Miller, Edmund King (Rev.)
|Type of person||Individual|
|Date of birth||1820|
|Place of birth||Surrey UK|
|Date of arrival||1848|
|Principal occupation||Anglican Minister|
|Date of death||1911|
|Place of decease||Rose Park, South Australia|
Reverend E.K. Miller was the incumbent of the Anglican parish of Willunga from 1863 to 1891. Reverend Miller was born in Surrey, UK, and, sometime after ordination, decided to come out to Australia. Before leaving England, he married Mary Kirtland, and together they set sail for Adelaide in 1848 on Hindoo.
The following is taken from The Service of Thanksgiving at St Stephen, Willunga on Sunday July 6th 1997.
'E.K. Miller was ordained by Bishop Short in 1848, and was the first Headmaster of Pulteney Street School, Adelaide. He was incumbent of St Georges Magill from 1851-1863, and of Willunga, Noarlunga and Aldinga, 1863-1892.
He must have been a man of iron! After 18 years riding 23 miles a Sunday on horseback for Services at Noarlunga, Aldinga and Willunga, when injuries rendered riding impossible, Noarlunga friends presented him with a buggy, which allowed him to continue duty 11 years longer. "During my 29 years as Willunga Rector, I missed Sunday duty on about a dozen occasions- When my wrists were broken, my wife drove the buggy so I could still continue taking Services."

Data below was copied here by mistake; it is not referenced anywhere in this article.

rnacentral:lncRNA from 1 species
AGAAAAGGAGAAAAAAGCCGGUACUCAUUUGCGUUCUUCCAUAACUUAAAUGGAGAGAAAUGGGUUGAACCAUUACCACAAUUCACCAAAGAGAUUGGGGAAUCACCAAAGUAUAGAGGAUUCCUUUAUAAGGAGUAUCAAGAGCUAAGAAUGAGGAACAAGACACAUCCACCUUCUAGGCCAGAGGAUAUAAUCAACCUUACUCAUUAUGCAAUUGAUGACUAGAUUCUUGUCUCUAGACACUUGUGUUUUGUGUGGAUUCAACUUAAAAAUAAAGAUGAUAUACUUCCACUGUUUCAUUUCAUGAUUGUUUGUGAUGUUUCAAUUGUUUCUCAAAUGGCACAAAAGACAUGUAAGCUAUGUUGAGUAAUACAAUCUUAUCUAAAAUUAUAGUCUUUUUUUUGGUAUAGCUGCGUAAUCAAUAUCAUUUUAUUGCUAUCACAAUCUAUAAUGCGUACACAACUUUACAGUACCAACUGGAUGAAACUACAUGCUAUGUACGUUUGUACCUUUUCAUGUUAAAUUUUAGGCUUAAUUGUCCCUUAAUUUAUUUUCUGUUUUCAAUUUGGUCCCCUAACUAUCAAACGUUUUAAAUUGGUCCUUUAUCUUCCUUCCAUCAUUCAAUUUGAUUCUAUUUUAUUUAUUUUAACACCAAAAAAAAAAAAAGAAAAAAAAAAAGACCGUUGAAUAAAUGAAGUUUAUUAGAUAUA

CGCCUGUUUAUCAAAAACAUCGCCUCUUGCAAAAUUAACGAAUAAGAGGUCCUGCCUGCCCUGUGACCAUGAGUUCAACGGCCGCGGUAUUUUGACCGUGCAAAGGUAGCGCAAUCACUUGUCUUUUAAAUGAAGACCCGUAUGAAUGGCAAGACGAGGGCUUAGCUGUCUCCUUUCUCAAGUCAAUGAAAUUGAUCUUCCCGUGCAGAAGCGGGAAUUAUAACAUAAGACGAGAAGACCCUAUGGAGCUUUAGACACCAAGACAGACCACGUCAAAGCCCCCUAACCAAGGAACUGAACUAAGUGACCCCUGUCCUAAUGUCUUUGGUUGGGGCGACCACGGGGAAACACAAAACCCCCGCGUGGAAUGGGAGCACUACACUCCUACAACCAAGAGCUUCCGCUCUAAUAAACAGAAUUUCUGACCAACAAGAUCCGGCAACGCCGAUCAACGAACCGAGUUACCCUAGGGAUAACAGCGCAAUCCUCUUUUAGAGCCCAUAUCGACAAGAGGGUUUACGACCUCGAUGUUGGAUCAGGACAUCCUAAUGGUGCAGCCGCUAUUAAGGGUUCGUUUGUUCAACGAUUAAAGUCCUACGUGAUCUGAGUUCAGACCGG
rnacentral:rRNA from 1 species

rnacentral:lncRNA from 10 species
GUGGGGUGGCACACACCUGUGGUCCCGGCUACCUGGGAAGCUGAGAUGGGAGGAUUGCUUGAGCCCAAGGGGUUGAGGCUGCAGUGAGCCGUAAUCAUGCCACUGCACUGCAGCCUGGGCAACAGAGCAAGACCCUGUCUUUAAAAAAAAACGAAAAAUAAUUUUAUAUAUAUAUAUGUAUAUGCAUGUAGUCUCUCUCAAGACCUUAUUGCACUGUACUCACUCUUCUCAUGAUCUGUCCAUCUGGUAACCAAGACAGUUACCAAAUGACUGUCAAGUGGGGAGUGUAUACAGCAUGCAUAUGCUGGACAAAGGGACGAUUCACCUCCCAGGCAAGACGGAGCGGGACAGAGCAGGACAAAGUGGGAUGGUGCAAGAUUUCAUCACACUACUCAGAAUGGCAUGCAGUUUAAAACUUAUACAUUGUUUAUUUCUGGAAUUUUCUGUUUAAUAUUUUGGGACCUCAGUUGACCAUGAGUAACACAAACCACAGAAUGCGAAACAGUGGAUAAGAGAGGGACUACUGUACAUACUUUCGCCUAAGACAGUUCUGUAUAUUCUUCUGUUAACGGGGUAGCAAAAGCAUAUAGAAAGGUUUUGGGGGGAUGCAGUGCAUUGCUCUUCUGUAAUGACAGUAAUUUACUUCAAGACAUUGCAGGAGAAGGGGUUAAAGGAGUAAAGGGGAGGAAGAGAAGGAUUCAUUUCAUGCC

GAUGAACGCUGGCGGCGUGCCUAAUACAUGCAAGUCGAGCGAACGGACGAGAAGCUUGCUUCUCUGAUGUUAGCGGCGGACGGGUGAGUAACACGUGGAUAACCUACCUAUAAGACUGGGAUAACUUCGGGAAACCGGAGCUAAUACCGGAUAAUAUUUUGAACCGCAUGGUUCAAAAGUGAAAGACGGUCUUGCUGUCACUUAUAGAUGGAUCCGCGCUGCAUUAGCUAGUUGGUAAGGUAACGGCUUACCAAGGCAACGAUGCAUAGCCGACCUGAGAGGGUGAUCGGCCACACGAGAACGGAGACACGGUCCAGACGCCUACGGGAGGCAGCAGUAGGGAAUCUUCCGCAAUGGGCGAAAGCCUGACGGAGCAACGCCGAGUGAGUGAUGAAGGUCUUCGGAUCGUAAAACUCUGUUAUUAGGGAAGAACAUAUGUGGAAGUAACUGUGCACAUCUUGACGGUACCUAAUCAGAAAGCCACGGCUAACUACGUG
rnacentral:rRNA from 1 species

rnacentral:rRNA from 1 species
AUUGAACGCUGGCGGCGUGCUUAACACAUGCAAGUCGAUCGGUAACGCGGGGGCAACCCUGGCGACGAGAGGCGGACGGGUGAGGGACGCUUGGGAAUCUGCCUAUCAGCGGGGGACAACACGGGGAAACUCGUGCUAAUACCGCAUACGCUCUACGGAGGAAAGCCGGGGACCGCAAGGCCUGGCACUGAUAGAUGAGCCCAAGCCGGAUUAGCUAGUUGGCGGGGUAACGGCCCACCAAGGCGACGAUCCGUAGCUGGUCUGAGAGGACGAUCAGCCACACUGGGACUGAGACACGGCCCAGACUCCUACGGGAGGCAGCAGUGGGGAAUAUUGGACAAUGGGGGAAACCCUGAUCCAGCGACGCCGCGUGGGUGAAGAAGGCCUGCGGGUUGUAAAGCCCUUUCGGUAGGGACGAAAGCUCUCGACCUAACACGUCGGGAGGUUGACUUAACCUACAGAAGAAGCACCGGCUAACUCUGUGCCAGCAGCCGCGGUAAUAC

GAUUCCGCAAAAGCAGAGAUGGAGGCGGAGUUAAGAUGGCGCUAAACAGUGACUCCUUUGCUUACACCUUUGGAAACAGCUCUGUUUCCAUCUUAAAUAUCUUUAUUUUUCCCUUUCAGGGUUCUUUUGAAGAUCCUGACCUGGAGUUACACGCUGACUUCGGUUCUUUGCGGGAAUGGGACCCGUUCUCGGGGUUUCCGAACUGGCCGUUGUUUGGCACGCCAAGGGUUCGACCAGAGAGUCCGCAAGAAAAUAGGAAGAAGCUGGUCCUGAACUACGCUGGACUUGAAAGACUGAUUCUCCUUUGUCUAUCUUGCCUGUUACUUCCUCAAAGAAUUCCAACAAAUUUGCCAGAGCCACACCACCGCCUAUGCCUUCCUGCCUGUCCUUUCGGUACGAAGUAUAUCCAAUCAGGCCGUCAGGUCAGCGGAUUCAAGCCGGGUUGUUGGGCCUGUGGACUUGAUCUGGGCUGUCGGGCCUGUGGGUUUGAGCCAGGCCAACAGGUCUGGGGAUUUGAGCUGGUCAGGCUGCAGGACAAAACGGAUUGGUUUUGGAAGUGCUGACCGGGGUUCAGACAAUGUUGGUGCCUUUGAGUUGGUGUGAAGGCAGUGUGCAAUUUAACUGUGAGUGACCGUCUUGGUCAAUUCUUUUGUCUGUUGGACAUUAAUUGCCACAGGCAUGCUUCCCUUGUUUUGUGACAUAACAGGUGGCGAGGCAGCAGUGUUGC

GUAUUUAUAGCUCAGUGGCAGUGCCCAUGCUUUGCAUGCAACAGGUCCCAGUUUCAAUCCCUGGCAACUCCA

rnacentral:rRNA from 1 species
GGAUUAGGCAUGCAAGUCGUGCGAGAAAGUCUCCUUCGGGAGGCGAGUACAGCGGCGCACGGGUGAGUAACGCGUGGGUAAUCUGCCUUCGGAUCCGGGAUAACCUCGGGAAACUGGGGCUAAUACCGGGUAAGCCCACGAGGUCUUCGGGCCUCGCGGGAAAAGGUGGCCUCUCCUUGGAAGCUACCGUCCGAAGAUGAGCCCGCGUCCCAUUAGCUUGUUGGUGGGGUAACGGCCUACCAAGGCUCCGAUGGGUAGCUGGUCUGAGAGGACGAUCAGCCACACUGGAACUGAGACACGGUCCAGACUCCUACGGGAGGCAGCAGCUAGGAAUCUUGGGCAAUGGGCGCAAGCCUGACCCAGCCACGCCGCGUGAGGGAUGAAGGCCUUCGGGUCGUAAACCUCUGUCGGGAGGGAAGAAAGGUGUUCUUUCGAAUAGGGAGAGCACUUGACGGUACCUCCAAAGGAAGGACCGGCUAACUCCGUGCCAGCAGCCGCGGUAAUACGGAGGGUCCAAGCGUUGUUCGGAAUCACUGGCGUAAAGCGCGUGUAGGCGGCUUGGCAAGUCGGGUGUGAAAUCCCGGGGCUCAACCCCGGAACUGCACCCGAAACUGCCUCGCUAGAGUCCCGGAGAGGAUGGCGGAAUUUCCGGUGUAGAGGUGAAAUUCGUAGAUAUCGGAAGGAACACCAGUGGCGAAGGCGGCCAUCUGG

Their life was not without sorrow either. They had 6 children - 3 boys and 3 girls. Three daughters and one son died before their first birthday, (teething and influenza).
E.K. Miller was Community minded - He was concerned about the youth of the time needing 'space', somewhere away from Public Houses and gaming rooms, and he proposed that 8 acres of land be purchased for a recreation ground for the township of Willunga. This was unheard of, to 'buy' land for recreation! However, it was passed and land purchased for £240. He is remembered with a plaque on one of the gate posts to the entrance to the Recreation Grounds. At another time he thought something should be done to assist safer and reliable transport of slate. He took steps to bring the matter before Parliament to obtain railway facilities; no doubt this set the ball rolling to bring the railway down, which reduced the cost of moving the slate, allowed more quarries to be opened and created more jobs".
Reverend King eventually left Willunga and later retired. He died on 17 May 1911 at Rose Park.
- Evening Journal 18/5/1911 Family Notices p. 1
- Miller E.K (1895) Reminiscences of Forty-seven years of clerical life Adelaide
- The Service of Thanksgiving at St Stephen Willunga on Sunday July 6th 1997.